New Stories From 'Urban Agriculture Notes'

Random header image... Refresh for more!

Denmark: Noma – World’s Most Famous Restaurant Opens as an Urban Farm

2,100 Square Feet Of Garden, Three Free-Standing Greenhouses

Wall Street Journal
Gourmet Traveller

Excerpt from Wall Street Journal
Feb 16, 2018

Noma’s new Bjarke Ingels-designed campus will encompass 11 buildings and 2,100 square feet of garden, to be designed in the spring by Piet Oudolf, who also collaborated on landscaping the High Line in New York City. Near the entrance to Noma’s property are three free-standing greenhouses constructed almost entirely of glass. “Each space utilizes as few materials as possible,” Ingels says. Two of the greenhouses will be used to grow ingredients like microgreens, herbs and edible flowers. The other will house the restaurant’s bakery and a test kitchen. “It’s been insane,” says Redzepi. “But there are just things you say yes to, even before you know how to totally plan.”

[Read more →]

February 18, 2018   No Comments

Chickens for rent: Goffstown farm offers an easier way for home chicken farmers to take wing

Christine Templeton holds one of her Buff Orpington chickens, one of two breeds she and her husband, Brian, will rent for 26-week terms to customers who want to try home chicken farming without having to care for the birds through the winter. (DAVID LANE/UNION LEADER)

The Templetons are raising 120 egg-laying chickens on their 13-acre farm, two miles west of St. Anselm College.

By Michael Cousineau
New Hampshire Union Leader
Feb 10, 2018

Excerpt:

Lydia Sobocinski has wanted to raise chickens in her Windham yard since she moved from Massachusetts 15 years ago.

“I just kind of fell in love with the idea,” she said last week.

But concerns over how to raise them and what to do when winter arrives kept her wishing – until she saw a Facebook post on renting chickens.

[Read more →]

February 18, 2018   No Comments

Chickens are helping senior citizens fight loneliness in a major way

A few little chooks are making big changes in the lives of elderly patients, helping them fight depression and dementia.

By Jessica Salter
Telegraph
31 Oct 2014

Excerpt:

Owen Turnbull is giving a tiny five-day-old chick a bath in the sink of a communal launderette. The chick, which is chirping away as he talks to it, is one of four orphans. ‘Their mam died three days ago,’ he says, in his soft Geordie accent. ‘I found her when I went to feed them. I was sad about losing her – I do get attached to them.’

[Read more →]

February 17, 2018   No Comments

Malaysia: Getting citizens interested in farming

This community activity will increase interest of urban residents to farm through Urban Recreational Farming. This activity helps reduce the daily expenses from the collection of crops and introduces more effective resource management.

Daily Express
Sabah
February 11, 2018

Excerpt:

City Hall is introducing My Farmville to promote urban recreational farming as a community activity.
The project held at Kingfisher is the first attempt by City Hall to involve the community as a whole and is aimed at introducing efficient use of resources through organic compost and to help lessen the cost of living.

State Minister of Community Development and Consumer Affairs Datuk Jainab Ahmad who officiated the project at the City Hall Learning Centre in Kingfisher on Saturday supported the programme as it involved the community.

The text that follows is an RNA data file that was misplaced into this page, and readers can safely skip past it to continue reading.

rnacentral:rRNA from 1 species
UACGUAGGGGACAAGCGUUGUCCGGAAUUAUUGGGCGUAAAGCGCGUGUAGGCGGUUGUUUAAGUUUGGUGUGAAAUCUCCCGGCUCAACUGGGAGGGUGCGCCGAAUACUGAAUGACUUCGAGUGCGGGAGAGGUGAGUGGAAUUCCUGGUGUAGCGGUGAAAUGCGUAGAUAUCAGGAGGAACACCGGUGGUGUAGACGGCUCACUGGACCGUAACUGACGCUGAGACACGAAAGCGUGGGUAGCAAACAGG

[Read more →]

February 17, 2018   No Comments

Singapore: Eight companies clinch 10 plots of land for vegetable farming

A map from the Agri-Food and Veterinary Authority (AVA) shows the first batch of land parcels offered by the AVA through a fixed-price tender method.

“One of the challenges in urban farming has always been land cost, especially in Singapore… It’s very difficult to grow vegetables when land prices are that high,” he said.

Today
Feb 10, 2018

Excerpt:

One of the awardees, Vertivegies, intends to build nine six-storey modular structures, each measuring about 30m by 30m and resembling apartment buildings. Its founder and managing director Veera Sekaran, 55, said that vegetables would be grown on the top five stories, with the lowest storey housing pumps and control systems.

Mr Veera, who also founded an urban and vertical-greenery firm called Greenology, added that the new project would be his first large-scale commercial farming venture. Last year, he farmed vegetables using containers and discovered that each 40-foot container was able to yield about 5,000 heads of lettuce every three to four weeks.

[Read more →]

February 17, 2018   No Comments

Black Beekeepers Are Transforming Detroit’s Vacant Lots Into Bee Farms

“Work hard, stay bumble” is their nonprofit motto.

By Philip Lewis
Black Voices
Huffpost
Jan 30, 2018

Excerpt:

A pair of Detroit natives have decided to combat neighborhood blight in a pretty sweet way — by transforming abandoned vacant lots in their city into honeybee farms.

Detroit Hives, a nonprofit organization founded by Timothy Paule and Nicole Lindsey in 2017, purchases vacant properties and remodels them into fully functioning bee farms.

[Read more →]

February 16, 2018   No Comments

Canada: Is Personalized, Next-Day Delivery the Future of Urban Farming?

Part of Lufa’s delivery fleet. (Lufa Farms)

Lufa Farms: A rooftop-farming venture in Montreal has found success with a model that’s part CSA, part Amazon Prime.

By Sarah Treleaven
City Lab
Feb 9, 2018

Excerpt:

Whereas many urban farms sell to restaurants or grocery stores, or via farmer’s markets, Lufa has a key point of differentiation: its direct-to-consumer business model. On its website, shoppers can customize baskets of fresh food, which are then delivered to more than 300 pick-up points across the city, or to their homes for an added fee. It’s like community-supported agriculture (CSA) or a farm share merged with the personalization and convenience of Uber Eats or Amazon Prime. “We decided that we needed to give people the option to order what they wanted, and that we would figure out how to get those items to them,” Rathmell said.

[Read more →]

February 16, 2018   No Comments

Is it worth spending up to $1 million for an agriculture program in Iowa City schools?